Comments Dr Klatz: Warning that on all measures except vocabulary, linear declines in cognitive function start as early as age 45, this large-scale prospective study serves as an important revelation into the complexity of brain aging.

Anti-aging medicine is the fastest-growing medical specialty throughout the world and is founded on the application of advanced scientific and medical technologies for the early detection, prevention, treatment, and reversal of age-related dysfunction, disorders, and diseases. It is a healthcare model promoting innovative science and research to prolong the healthy lifespan in humans. As such, anti-aging medicine is based on solid scientific principles of responsible medical care that are consistent with those applied in other preventive health specialties. The goal of anti-aging medicine is not to merely prolong the total years of an individual’s life, but to ensure that those years are enjoyed in a productive and vital fashion.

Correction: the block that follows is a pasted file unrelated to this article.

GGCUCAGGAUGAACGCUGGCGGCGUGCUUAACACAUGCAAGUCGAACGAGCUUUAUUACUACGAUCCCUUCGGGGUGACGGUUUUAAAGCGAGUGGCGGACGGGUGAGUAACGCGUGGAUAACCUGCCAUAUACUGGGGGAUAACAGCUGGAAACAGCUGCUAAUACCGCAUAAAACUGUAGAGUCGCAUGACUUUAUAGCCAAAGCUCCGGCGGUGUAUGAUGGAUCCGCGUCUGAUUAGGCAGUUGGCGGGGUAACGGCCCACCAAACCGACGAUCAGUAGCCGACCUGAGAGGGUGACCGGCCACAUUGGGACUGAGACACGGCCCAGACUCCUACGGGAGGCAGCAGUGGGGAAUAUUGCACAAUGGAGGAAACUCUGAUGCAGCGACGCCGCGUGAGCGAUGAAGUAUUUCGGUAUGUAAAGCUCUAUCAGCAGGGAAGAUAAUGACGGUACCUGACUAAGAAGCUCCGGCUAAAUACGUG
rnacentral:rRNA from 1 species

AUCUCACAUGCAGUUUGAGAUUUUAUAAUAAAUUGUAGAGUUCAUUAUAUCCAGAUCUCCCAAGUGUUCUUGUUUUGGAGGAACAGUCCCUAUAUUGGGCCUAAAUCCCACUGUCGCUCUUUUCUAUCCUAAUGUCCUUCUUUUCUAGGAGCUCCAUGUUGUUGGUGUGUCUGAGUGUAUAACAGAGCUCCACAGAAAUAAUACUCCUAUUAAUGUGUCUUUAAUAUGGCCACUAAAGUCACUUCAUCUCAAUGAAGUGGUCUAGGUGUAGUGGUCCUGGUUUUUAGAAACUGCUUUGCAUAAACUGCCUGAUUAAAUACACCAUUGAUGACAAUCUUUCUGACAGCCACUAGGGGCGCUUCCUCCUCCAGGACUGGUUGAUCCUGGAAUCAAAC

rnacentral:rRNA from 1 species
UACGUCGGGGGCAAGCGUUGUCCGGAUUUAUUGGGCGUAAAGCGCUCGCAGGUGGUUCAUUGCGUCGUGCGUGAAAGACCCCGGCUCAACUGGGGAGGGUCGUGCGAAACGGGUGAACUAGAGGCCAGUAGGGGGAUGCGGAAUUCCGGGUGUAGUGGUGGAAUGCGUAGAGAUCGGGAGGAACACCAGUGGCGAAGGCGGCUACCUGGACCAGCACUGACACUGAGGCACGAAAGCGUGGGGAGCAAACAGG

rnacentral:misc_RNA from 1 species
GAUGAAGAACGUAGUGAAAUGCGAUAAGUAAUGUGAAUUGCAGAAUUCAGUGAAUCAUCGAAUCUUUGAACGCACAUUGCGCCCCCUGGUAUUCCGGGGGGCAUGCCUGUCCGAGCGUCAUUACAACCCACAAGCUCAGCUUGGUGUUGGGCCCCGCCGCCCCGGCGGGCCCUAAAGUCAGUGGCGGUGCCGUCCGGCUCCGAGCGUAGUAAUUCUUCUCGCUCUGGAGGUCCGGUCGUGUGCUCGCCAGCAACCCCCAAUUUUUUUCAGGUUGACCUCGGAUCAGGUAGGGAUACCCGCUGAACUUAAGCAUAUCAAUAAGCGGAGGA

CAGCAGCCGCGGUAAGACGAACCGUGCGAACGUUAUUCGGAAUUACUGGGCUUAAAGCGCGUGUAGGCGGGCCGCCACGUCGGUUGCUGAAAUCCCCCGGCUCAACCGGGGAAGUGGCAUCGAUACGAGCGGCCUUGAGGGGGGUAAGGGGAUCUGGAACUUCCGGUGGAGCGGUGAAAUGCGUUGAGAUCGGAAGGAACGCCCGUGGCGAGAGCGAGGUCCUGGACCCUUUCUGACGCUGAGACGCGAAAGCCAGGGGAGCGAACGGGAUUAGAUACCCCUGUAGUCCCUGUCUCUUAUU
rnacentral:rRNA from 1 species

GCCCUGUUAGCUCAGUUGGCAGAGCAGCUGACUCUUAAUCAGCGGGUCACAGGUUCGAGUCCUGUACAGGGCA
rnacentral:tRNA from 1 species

Visit the A4M’s World Health Network website, at www.worldhealth.net, to learn more about the A4M and its educational endeavours and to sign-up for your free subscription to Longevity Magazine™ e-Journal.

Filed under: Longevity News & Review

One Response to “February 3-9, 2012”

  1. Flora Says:

    Your style is very unique compared to other folks I have read stuff from.
    Thanks for posting when you’ve got the opportunity, Guess I’ll just bookmark this page.